Too much info dumping as already said. I also got confused and had to go back and check names. It says about a friend being killed and then ‘they met’ starts the next paragraph, so I was thinking is this how the original two guys met, or is this how they met the guy who was killed last week. Also I don’t think the one guy who was killed last week is who they are going to be thinking about. As soldiers they will have seen a lot of death, why focus on this one person? Why not reminisce about ALL the friends they have lost over the years. If they’ve been there long enough to be close to going home, it’s unlikely they’ve only seen one person die. They could even have a conversation about them, as conversation is a great way to make a story feel real and also to find out more about the characters speaking by the way they speak. The characters are very cliche. There’s not necessarily anything wrong with that; if you made them short ugly and unlucky with women it would also seem off. But the cliche character traits aren’t what I want to know this early in the story. I want to know what makes them different. There has to be some part of the character that is different. Are they unusually intelligent? Practical jokers? Obsessed with an unexpected music artist? These are the things I want to know at the beginning, not that they are tall and attractive. I can find that out later. I think this could make a good scene without the info dump but I’m not sure it’s the right place to start for a first page. The men are under attack before we know enough about them to care. I think the info dump should be removed and expand on the attack. There seems to be one weapon that Hemi is using, but the other people in the car aren’t doing anything, are they just sat there doing nothing (I doubt it), are they unconscious, are the uninjured trying to help the injured? Are they pulling out guns and other weapons? Are they pointing out hostiles to Hemi? And finally, I think the last paragraph and first paragraphs were my favourite, but the last paragraph is disappointing in that the action starts and finishes in just one paragraph when surely such an event deserves more. They have been thinking about trying not to die before they went home. Is there any panicked thoughts that they aren’t going to make it home? It could be great but it needs more work so good luck making it great 🙂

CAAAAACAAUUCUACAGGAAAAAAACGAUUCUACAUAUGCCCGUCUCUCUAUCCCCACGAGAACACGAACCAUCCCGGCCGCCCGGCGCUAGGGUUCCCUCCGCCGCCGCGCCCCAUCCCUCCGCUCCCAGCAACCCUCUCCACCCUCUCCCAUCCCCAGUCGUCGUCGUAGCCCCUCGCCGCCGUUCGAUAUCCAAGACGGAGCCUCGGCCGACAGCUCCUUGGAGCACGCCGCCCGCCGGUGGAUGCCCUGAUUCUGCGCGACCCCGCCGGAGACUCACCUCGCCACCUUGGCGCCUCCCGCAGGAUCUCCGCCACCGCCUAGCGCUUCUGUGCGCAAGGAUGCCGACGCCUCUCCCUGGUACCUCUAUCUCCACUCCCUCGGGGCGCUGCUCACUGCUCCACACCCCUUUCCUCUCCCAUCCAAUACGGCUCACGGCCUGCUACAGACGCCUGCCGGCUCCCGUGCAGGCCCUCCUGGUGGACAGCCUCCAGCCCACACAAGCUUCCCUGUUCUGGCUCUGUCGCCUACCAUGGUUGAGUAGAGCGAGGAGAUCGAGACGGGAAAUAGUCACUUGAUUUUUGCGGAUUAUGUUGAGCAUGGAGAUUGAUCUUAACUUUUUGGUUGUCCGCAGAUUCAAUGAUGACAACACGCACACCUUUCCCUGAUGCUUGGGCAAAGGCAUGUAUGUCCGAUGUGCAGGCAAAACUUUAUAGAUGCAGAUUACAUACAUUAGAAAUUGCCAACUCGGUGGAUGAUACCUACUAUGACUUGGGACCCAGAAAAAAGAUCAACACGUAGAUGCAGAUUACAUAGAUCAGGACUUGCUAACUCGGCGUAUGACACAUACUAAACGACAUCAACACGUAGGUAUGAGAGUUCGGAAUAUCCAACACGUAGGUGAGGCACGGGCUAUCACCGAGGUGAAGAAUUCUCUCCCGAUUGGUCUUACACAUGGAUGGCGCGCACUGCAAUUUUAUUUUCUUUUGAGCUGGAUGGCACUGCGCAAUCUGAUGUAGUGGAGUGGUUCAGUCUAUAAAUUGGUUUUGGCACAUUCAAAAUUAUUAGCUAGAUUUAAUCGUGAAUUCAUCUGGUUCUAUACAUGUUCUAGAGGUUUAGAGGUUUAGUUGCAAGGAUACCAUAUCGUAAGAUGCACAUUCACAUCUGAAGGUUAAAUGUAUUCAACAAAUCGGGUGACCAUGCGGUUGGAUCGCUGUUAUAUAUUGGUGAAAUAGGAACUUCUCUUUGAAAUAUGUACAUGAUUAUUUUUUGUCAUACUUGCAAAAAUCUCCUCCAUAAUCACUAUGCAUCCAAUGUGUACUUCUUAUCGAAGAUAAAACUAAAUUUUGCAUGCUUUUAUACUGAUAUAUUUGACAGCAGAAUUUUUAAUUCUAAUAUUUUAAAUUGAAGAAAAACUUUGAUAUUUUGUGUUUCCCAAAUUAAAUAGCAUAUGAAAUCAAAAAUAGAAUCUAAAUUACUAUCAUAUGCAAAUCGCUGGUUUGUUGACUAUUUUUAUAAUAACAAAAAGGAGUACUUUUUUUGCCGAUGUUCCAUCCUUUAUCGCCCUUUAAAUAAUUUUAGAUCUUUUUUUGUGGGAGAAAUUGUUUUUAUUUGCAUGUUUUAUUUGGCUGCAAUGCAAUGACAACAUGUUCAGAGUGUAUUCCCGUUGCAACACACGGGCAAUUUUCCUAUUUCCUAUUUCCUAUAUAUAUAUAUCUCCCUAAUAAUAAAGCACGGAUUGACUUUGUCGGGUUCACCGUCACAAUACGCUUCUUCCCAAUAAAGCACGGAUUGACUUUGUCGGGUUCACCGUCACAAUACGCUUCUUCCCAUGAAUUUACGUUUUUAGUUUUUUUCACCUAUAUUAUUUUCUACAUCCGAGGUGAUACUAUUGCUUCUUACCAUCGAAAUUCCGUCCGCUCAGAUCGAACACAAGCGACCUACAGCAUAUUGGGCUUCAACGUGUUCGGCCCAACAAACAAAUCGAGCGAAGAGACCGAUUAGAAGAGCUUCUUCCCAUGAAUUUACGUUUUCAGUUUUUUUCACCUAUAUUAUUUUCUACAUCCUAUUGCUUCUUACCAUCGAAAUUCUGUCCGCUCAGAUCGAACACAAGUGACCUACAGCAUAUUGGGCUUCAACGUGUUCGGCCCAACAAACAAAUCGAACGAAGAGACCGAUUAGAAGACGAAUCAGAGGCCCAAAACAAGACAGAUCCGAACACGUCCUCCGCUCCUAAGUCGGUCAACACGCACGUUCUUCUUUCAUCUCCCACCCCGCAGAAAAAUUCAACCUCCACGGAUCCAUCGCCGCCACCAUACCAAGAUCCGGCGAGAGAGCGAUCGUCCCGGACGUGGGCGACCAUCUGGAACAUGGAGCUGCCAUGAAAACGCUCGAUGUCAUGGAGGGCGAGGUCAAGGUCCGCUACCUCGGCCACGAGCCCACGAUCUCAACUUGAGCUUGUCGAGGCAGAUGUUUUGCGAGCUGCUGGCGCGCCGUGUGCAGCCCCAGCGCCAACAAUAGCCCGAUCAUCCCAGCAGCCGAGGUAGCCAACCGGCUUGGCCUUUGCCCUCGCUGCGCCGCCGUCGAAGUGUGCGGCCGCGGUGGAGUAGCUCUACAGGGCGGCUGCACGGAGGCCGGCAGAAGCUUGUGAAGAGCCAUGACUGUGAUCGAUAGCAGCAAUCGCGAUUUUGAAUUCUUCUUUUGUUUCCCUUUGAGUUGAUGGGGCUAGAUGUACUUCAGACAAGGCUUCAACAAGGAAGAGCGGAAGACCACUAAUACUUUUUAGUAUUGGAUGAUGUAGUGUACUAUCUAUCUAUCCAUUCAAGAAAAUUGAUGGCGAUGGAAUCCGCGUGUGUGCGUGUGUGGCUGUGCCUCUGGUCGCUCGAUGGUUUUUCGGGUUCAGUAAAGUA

4. Jim Moore says: